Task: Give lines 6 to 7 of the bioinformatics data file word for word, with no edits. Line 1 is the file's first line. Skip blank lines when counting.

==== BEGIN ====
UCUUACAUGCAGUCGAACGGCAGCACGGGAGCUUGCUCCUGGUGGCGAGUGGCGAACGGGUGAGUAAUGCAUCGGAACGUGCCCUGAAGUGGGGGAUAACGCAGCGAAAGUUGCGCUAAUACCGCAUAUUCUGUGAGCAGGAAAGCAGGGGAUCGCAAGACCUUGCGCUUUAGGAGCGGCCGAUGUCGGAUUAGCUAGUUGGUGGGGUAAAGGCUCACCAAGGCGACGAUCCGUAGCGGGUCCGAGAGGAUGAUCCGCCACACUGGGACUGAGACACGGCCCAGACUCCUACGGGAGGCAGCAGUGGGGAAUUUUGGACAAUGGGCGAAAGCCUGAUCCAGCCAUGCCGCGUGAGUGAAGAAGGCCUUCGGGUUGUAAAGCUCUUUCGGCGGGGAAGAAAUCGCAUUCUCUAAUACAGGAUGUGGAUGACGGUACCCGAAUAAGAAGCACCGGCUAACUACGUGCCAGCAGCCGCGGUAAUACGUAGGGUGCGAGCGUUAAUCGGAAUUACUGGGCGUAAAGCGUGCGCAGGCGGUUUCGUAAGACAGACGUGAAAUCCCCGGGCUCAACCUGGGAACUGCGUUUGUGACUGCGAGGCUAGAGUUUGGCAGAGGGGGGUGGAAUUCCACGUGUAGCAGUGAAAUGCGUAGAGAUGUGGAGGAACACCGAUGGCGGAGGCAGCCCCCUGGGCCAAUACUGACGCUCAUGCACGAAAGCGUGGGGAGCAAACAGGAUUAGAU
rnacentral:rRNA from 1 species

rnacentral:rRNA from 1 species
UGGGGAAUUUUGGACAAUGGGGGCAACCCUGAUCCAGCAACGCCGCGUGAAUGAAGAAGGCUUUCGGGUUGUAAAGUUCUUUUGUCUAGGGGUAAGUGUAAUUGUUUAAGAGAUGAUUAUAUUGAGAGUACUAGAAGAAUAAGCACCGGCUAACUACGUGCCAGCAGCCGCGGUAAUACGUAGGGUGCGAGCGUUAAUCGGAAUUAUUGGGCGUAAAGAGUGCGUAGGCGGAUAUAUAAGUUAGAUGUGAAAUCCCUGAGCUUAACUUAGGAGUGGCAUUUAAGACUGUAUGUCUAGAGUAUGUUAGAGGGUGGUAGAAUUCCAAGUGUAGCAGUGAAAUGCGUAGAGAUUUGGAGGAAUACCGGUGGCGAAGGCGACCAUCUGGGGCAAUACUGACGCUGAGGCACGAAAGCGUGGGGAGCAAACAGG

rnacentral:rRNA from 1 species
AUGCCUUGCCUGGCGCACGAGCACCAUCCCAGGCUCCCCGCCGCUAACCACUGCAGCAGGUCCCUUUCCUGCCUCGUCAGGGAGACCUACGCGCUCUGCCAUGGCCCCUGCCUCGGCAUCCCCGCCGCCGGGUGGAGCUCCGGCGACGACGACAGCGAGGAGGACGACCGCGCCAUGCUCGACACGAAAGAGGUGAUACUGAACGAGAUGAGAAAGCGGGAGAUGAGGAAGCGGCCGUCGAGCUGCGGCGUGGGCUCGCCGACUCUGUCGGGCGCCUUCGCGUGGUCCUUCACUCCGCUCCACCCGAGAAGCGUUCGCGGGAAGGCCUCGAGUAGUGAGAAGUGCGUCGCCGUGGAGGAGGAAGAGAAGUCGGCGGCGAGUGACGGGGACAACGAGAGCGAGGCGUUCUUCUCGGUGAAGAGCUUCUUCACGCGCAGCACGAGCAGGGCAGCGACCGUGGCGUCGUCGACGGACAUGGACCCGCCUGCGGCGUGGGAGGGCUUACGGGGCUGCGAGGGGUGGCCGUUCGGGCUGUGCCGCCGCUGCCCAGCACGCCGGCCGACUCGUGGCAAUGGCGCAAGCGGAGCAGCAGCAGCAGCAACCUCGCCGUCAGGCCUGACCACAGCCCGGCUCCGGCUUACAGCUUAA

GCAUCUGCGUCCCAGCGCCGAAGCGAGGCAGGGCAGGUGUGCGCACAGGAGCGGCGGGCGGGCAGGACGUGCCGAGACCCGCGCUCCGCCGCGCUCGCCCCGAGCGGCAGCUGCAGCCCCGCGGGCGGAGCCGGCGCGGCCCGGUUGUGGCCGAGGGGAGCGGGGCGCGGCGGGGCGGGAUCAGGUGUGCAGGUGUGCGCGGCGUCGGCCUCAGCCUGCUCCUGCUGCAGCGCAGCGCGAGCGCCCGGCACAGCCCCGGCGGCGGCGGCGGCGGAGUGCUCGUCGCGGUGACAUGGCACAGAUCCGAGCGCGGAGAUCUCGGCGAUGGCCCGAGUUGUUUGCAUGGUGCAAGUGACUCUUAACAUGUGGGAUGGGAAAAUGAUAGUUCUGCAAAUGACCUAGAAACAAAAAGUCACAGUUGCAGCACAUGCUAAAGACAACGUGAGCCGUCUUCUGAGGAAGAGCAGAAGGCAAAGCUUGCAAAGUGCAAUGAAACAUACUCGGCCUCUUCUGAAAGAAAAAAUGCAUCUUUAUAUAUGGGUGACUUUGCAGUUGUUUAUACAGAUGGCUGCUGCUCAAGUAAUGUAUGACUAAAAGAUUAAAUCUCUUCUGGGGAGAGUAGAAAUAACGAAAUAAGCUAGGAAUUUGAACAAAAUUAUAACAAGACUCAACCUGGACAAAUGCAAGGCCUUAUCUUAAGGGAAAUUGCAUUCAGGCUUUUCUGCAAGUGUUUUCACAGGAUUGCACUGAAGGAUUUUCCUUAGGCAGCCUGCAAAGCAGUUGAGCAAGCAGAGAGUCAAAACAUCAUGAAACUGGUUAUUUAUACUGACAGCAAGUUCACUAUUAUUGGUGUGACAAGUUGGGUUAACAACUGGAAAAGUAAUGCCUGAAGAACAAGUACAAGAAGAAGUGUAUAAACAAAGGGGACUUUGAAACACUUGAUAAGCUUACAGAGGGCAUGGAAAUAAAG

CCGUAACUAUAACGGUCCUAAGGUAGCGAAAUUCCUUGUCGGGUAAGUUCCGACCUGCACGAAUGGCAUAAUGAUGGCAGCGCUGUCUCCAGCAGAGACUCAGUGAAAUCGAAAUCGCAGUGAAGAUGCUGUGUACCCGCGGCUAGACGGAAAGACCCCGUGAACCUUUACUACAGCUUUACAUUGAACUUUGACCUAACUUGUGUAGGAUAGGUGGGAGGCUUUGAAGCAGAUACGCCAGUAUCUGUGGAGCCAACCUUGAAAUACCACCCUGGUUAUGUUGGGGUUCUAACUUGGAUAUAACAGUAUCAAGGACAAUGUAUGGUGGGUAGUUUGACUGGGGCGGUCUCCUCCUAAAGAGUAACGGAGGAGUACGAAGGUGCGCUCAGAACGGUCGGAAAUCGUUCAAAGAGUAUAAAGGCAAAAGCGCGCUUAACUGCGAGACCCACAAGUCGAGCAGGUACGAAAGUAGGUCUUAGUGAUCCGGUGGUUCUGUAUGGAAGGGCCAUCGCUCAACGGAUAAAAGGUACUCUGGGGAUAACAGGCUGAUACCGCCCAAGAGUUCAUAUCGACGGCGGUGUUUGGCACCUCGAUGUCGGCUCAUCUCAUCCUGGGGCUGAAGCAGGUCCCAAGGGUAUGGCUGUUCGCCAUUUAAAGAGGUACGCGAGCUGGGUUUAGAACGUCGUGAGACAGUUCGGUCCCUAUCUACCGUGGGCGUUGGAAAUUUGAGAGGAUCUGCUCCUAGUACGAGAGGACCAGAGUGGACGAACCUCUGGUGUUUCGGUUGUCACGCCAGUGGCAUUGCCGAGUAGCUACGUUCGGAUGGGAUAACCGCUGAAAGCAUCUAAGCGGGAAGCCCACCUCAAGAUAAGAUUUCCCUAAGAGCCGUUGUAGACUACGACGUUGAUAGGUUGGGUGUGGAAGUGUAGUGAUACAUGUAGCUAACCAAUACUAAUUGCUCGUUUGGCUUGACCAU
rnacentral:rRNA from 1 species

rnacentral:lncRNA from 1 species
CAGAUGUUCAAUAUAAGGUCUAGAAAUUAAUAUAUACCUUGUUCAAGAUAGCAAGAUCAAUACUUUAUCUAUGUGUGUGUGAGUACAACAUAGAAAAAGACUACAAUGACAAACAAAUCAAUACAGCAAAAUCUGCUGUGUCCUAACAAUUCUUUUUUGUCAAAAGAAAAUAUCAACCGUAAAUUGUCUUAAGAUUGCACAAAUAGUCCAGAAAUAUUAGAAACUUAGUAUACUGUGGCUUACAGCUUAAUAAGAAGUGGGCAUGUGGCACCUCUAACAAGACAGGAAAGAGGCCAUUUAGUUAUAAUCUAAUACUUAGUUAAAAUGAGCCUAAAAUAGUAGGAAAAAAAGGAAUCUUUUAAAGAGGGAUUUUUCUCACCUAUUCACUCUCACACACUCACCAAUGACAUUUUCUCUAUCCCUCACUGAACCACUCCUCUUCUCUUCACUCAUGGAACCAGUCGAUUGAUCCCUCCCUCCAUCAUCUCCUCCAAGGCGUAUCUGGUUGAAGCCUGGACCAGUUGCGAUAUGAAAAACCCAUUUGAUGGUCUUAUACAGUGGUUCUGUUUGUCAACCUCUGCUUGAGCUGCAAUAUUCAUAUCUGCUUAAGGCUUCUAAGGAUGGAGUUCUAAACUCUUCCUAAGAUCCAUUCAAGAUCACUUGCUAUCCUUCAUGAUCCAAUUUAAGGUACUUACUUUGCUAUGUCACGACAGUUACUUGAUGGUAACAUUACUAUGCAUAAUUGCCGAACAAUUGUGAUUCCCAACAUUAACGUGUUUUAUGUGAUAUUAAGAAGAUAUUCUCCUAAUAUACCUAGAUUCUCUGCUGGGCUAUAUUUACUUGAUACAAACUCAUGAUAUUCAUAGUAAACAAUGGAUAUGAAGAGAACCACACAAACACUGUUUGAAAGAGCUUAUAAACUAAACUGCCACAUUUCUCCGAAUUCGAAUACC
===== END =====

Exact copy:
AUGCCUUGCCUGGCGCACGAGCACCAUCCCAGGCUCCCCGCCGCUAACCACUGCAGCAGGUCCCUUUCCUGCCUCGUCAGGGAGACCUACGCGCUCUGCCAUGGCCCCUGCCUCGGCAUCCCCGCCGCCGGGUGGAGCUCCGGCGACGACGACAGCGAGGAGGACGACCGCGCCAUGCUCGACACGAAAGAGGUGAUACUGAACGAGAUGAGAAAGCGGGAGAUGAGGAAGCGGCCGUCGAGCUGCGGCGUGGGCUCGCCGACUCUGUCGGGCGCCUUCGCGUGGUCCUUCACUCCGCUCCACCCGAGAAGCGUUCGCGGGAAGGCCUCGAGUAGUGAGAAGUGCGUCGCCGUGGAGGAGGAAGAGAAGUCGGCGGCGAGUGACGGGGACAACGAGAGCGAGGCGUUCUUCUCGGUGAAGAGCUUCUUCACGCGCAGCACGAGCAGGGCAGCGACCGUGGCGUCGUCGACGGACAUGGACCCGCCUGCGGCGUGGGAGGGCUUACGGGGCUGCGAGGGGUGGCCGUUCGGGCUGUGCCGCCGCUGCCCAGCACGCCGGCCGACUCGUGGCAAUGGCGCAAGCGGAGCAGCAGCAGCAGCAACCUCGCCGUCAGGCCUGACCACAGCCCGGCUCCGGCUUACAGCUUAA

GCAUCUGCGUCCCAGCGCCGAAGCGAGGCAGGGCAGGUGUGCGCACAGGAGCGGCGGGCGGGCAGGACGUGCCGAGACCCGCGCUCCGCCGCGCUCGCCCCGAGCGGCAGCUGCAGCCCCGCGGGCGGAGCCGGCGCGGCCCGGUUGUGGCCGAGGGGAGCGGGGCGCGGCGGGGCGGGAUCAGGUGUGCAGGUGUGCGCGGCGUCGGCCUCAGCCUGCUCCUGCUGCAGCGCAGCGCGAGCGCCCGGCACAGCCCCGGCGGCGGCGGCGGCGGAGUGCUCGUCGCGGUGACAUGGCACAGAUCCGAGCGCGGAGAUCUCGGCGAUGGCCCGAGUUGUUUGCAUGGUGCAAGUGACUCUUAACAUGUGGGAUGGGAAAAUGAUAGUUCUGCAAAUGACCUAGAAACAAAAAGUCACAGUUGCAGCACAUGCUAAAGACAACGUGAGCCGUCUUCUGAGGAAGAGCAGAAGGCAAAGCUUGCAAAGUGCAAUGAAACAUACUCGGCCUCUUCUGAAAGAAAAAAUGCAUCUUUAUAUAUGGGUGACUUUGCAGUUGUUUAUACAGAUGGCUGCUGCUCAAGUAAUGUAUGACUAAAAGAUUAAAUCUCUUCUGGGGAGAGUAGAAAUAACGAAAUAAGCUAGGAAUUUGAACAAAAUUAUAACAAGACUCAACCUGGACAAAUGCAAGGCCUUAUCUUAAGGGAAAUUGCAUUCAGGCUUUUCUGCAAGUGUUUUCACAGGAUUGCACUGAAGGAUUUUCCUUAGGCAGCCUGCAAAGCAGUUGAGCAAGCAGAGAGUCAAAACAUCAUGAAACUGGUUAUUUAUACUGACAGCAAGUUCACUAUUAUUGGUGUGACAAGUUGGGUUAACAACUGGAAAAGUAAUGCCUGAAGAACAAGUACAAGAAGAAGUGUAUAAACAAAGGGGACUUUGAAACACUUGAUAAGCUUACAGAGGGCAUGGAAAUAAAG